1. Other than when carefully prescribed for children with seizure disorders, marijuana should never be used by children. Unlike in adults, marijuana use by children can permanently alter the growing brain’s chemical balance resulting in permanent harm.
2. Marijuana can cause debility or depression, anxiety attacks, heart rate can double, or can create panic attacks and paranoia.
3. When ingested (eaten) versus smoking in order to achieve a “high”, people need to be aware that it will take longer to feel the effects of marijuana. This is because in the lungs the marijuana chemicals pass quickly into the bloodstream. When marijuana is eaten (mixed in cookies, cakes, brownies, etc.), it must pass through the digestive system which takes longer. Many people have ended up in the Emergency Room extremely ill and toxic because they ate more and more marijuana because they were not getting “high” fast enough.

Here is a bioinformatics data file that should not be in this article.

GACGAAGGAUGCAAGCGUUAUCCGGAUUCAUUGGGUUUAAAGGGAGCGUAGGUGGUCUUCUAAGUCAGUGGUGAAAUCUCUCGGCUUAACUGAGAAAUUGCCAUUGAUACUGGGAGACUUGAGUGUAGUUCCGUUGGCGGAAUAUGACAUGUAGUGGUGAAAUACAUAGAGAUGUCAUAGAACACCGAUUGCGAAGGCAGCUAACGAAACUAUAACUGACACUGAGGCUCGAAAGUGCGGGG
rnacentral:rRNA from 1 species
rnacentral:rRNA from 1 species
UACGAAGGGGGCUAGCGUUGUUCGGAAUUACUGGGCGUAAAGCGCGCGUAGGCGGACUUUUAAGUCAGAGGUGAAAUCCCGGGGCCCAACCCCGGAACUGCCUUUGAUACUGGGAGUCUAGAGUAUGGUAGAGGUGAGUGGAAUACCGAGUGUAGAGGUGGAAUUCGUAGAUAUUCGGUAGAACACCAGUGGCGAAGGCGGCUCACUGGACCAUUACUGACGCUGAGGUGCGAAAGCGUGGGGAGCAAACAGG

4. Marijuana does have addictive properties that can lead to substance abuse.
5. Marijuana when smoked is introducing smoke and chemicals to your lungs which is an irritant and can be harmful to lung tissue. Unfiltered marijuana can expose lungs to more carbon monoxide and tar than cigarettes.
6. Remember that recreational marijuana is still against Federal law and you could lose your job if your employer does drug testing. Marijuana stays in your system 30 days or more.
The recreational use of marijuana should be an informed choice. Choose carefully and wisely. Choose HEALTH.
Favorite Sayings of the Month
“Coffee in hand, big girl panties pulled up, sparkle in my eye and a smile on my face. Yep, I’m ready for the day…Bring it on!”
“I’ll have a café mocha vodka valium latte to go please!”
“Around my house cat hair is a condiment.”